In the time since finishing The Legend of Zelda: Breath of the Wild, I’ve occasionally loaded the game up and just wandered around Hyrule. I’d take a quick survey of where I was and pick a direction to set off in, never using the map to chart my path or scout for any particular destination. I didn’t any specific goals in mind; all I wanted to do was wander aimlessly and relax. Sure I could be hunting down those last few shrines or clearing my quest log of side-quests, but I’m not particularly interested. With the story finished, all I want to do is just spend more time in the world and enjoy it.
I can’t think of any other open world games that instill that same desire in me. Usually it’s stuff out of the altgames scene and their particular brand of wander games (or “walk-‘em-ups” as my friend Gareth calls them) that consistently deliver. The austere watercolor landscape of Sacramento, the vignettes of A Road to Awe’s abstract world, the wonder and musicality of nature in Proteus, and so on; games built around wandering around captivating worlds merely for the sake of exploring them. They’re wonderful games, ones I often return to when I need something to kick back and relax with.
It’s something big-budget games have failed to accomplish. While they may create vivid, immaculate worlds, never do they inspire the desire to wander aimlessly. Open world games are great candidates to make that happen, as they’re built around letting you freely explore to some degree, but inevitably get bogged down by busywork. Seas of objective markers, quest-givers, and collectibles ensure you’re never at a loss for what to do. There’s always a dozen things vying for your attention. It’s suffocating.
I rarely pay attention to the land itself in open world games, as such. I’m always focused on reaching the next waypoint, finding my next objective. I never take my time to walk around and take in the sights, to see what wonders it holds. That’s because most of these games are built in such a way as to disincentivize doing anything but follow map markers, but also because the worlds are flat. They’re pretty, certainly; Horizon: Zero Dawn is a constant visual delight, for instance, but that’s all it is. A pretty vista to gaze upon from afar. To actually engage with these worlds, to want to explore them to their fullest; not in the pursuit of objectives but for the sake of just seeing what’s there – it’s something no open world game has succeeded at.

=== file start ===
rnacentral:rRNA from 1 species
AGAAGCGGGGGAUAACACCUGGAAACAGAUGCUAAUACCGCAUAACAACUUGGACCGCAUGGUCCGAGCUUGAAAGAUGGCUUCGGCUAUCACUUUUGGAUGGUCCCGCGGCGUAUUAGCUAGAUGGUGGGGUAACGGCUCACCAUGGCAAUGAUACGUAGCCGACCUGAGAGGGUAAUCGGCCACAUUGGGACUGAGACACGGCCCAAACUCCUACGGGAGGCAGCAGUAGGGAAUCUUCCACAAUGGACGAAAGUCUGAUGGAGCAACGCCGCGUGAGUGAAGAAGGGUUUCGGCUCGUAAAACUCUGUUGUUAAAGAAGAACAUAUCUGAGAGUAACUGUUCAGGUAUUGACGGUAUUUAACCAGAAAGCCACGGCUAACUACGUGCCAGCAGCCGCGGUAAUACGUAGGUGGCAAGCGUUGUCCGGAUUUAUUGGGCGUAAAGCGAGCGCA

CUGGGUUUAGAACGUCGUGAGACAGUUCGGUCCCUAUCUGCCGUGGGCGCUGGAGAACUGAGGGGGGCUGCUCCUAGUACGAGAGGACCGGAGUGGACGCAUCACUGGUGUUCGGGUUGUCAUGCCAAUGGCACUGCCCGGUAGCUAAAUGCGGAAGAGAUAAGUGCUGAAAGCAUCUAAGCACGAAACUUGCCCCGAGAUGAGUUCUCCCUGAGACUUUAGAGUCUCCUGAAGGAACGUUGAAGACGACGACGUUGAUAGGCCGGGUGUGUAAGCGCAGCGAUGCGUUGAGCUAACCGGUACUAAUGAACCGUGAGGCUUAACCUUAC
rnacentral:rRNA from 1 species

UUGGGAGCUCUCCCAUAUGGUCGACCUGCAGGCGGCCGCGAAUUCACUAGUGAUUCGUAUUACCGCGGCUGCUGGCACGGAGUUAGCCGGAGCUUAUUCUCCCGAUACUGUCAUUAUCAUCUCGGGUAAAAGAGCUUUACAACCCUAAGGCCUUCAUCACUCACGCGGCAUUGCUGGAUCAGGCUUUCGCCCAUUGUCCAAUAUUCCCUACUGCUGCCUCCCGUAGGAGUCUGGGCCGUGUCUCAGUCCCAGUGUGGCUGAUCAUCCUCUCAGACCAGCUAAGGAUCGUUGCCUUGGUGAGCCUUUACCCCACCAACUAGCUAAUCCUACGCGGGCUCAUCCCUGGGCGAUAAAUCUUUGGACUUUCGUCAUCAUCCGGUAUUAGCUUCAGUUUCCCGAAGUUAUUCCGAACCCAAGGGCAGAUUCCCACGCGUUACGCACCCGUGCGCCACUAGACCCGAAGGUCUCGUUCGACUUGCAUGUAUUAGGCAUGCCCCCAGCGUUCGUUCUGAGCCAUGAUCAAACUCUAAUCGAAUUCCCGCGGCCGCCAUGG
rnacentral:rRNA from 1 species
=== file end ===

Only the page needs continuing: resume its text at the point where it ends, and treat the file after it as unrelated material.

But Breath of the Wild does so brilliantly. That’s in part due to how it doesn’t immediately populate the map with a ton of preset markers to lead to you points of interest, which forces you to engage with the world in a way most open world games don’t. But mostly the fact that its world is captivating to be in. Regardless of whatever I was doing at any given moment, I always enjoyed the simple act of traversing Hyrule. So much so I always felt a bit bad whenever I used fast-travel. Felt like I was robbing myself the chance to discover something new, or at least enjoy the sights.
Before Breath of the Wild, Okami was the last game to instill that want in me. Its world was captivating enough that I wanted to spend as much time immersed in it as possible. Thus I intentionally restricted myself from making use of fast-travel. Its world was much smaller and easier to cross, granted, so it was never really needed in the first-place, but still. It took just long enough to get from one end of the map to the other that it feels like a long trek, just long enough to tempt you to teleport to your destination instead.
The same goes for Breath of the Wild. I specifically held off on using fast-travel much as possible because I wanted to see what was out there. The sheer size of the world made it difficult to avoid using fast-travel altogether, but that also made it worth exploring in the first place. There’s so much to see, so much to find. Never did I ever feel like I was wasting my time searching every inch of Hyrule, even when I wasn’t actually discovering anything. In any other game I’d be climbing mountains only in pursuit of some object. In Breath of the Wild, I’d do so just to see what the view from the peak was like.
That’s by far the game’s greatest strength. It doesn’t need all the usual open world game trappings to make its world worth exploring. If anything, it’s because Breath of the Wild discards them that its so worthwhile to wander around in. It trusts that the landscape itself will drive people to explore its depths rather than fall back on marking everything on the map for you to jump between. It makes every inch of its world matter, because none of it acts as filler between activities. There’s always something to see, always something to find or do. You just have to make the effort to look.